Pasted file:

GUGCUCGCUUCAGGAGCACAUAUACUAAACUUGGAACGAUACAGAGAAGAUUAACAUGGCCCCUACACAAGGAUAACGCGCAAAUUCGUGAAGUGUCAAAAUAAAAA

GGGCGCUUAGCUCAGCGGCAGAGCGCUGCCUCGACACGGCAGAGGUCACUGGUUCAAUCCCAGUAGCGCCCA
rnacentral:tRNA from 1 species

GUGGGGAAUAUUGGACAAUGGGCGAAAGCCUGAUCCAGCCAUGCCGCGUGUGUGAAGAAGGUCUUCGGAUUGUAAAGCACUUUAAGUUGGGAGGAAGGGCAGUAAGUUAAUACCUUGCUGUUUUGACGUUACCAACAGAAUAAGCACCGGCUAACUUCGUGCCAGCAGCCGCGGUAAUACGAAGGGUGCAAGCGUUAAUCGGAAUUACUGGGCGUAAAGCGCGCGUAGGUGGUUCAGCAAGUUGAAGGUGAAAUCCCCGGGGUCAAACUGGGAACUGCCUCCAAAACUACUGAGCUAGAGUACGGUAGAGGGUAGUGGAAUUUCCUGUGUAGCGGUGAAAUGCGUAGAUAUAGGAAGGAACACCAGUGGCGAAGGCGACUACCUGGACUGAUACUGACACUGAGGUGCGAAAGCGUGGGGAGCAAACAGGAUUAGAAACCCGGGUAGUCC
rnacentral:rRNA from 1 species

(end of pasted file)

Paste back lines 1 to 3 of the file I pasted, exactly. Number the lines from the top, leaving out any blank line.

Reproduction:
GUGCUCGCUUCAGGAGCACAUAUACUAAACUUGGAACGAUACAGAGAAGAUUAACAUGGCCCCUACACAAGGAUAACGCGCAAAUUCGUGAAGUGUCAAAAUAAAAA

GGGCGCUUAGCUCAGCGGCAGAGCGCUGCCUCGACACGGCAGAGGUCACUGGUUCAAUCCCAGUAGCGCCCA
rnacentral:tRNA from 1 species